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standard content-type for "streaming JSON" (newline delimited JSON objects)?

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  • Ken Woodruff
    There seem to be a growing number of tools & packages around that implement some form of JSON streaming where multiple standard JSON objects are delimited by
    Message 1 of 3 , May 23, 2012
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      There seem to be a growing number of tools & packages around that
      implement some form of JSON streaming where multiple standard JSON
      objects are delimited by extra newlines, e.g.

      { "id": 1, "foo": "bar" }
      { "id": 2, "foo": "baz" }
      ...

      This format seems both pragmatic and useful, but is not JSON compliant
      (i.e. doesn't parse with a standard JSON parser), so it seems
      inappropriate to serve up as "application/json".   The NPM package
      Request-JSONStream uses "application/jsonstream", Google searching
      shows at least one use of "application/x-json-stream", and there are a
      number of services that use "application/json" and expect clients to
      just deal with it (cf.
      https://github.com/senchalabs/connect/issues/538).

      Since I'm about to make heavy use of this technique in a way that will
      be a little difficult to unwind later I'd like if at all possible get
      on board with whatever will become the standard (defacto or official).
      Anyone aware of any efforts underway to standardize this, or
      packages/services that have enough momentum to drive a standard in the
      future?

      --Ken
    • Stephan Beal
      ... Wouldn t a standards-compliant (or sane?) parser stop reading at the end of the first object (implying that the first above is, strictly speaking, standard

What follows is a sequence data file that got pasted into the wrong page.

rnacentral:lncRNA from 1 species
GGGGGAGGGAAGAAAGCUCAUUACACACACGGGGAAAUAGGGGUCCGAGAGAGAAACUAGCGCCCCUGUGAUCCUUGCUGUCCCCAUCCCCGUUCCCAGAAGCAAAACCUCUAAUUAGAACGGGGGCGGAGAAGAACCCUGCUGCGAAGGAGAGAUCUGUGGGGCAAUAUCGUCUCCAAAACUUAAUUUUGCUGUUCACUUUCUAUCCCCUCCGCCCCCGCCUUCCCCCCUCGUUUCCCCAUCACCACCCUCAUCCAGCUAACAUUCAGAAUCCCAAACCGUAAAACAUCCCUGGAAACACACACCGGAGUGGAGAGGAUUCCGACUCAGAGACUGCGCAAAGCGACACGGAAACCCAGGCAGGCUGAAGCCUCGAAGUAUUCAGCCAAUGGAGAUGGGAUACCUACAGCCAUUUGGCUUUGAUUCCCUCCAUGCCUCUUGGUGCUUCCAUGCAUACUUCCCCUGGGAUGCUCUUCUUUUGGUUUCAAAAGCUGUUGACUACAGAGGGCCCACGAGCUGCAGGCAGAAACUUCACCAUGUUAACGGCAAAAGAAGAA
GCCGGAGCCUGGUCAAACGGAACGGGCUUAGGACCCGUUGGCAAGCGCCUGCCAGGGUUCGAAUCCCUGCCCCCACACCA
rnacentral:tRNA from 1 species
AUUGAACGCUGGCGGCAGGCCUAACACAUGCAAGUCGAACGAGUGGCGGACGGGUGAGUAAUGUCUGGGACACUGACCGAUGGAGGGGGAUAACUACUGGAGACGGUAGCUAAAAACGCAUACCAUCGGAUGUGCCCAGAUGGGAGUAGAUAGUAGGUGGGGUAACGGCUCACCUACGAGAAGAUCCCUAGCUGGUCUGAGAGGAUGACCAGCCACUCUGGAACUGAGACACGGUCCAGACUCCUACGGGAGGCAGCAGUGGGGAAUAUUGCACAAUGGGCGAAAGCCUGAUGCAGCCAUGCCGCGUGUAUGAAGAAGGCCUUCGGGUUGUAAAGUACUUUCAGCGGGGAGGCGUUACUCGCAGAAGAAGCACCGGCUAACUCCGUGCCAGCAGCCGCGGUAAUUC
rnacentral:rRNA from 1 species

Message 2 of 3 , May 23, 2012
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        On Wed, May 23, 2012 at 11:10 PM, Ken Woodruff <ken.woodruff@...>wrote:

        > **
        >
        > { "id": 1, "foo": "bar" }
        > { "id": 2, "foo": "baz" }
        > ...
        >
        > This format seems both pragmatic and useful, but is not JSON compliant
        > (i.e. doesn't parse with a standard JSON parser)
        >

        Wouldn't a standards-compliant (or sane?) parser stop reading at the end of
        the first object (implying that the first above is, strictly speaking,
        standard JSON with extra crud at the end)?

        If so... adding the convention "if the byte following the root node is a
        newline or \r\n combination, attempt to parse remaining bytes as JSON..."
        might be more or less all you need. Such an extension would need to address
        what to do (or not do) with the consumed 1-2 bytes if they are _not_ \n or
        \r\n, but those are details we'll leave to the spec writers...

        Happy Hacking!

        --
        ----- stephan beal
        http://wanderinghorse.net/home/stephan/
        http://gplus.to/sgbeal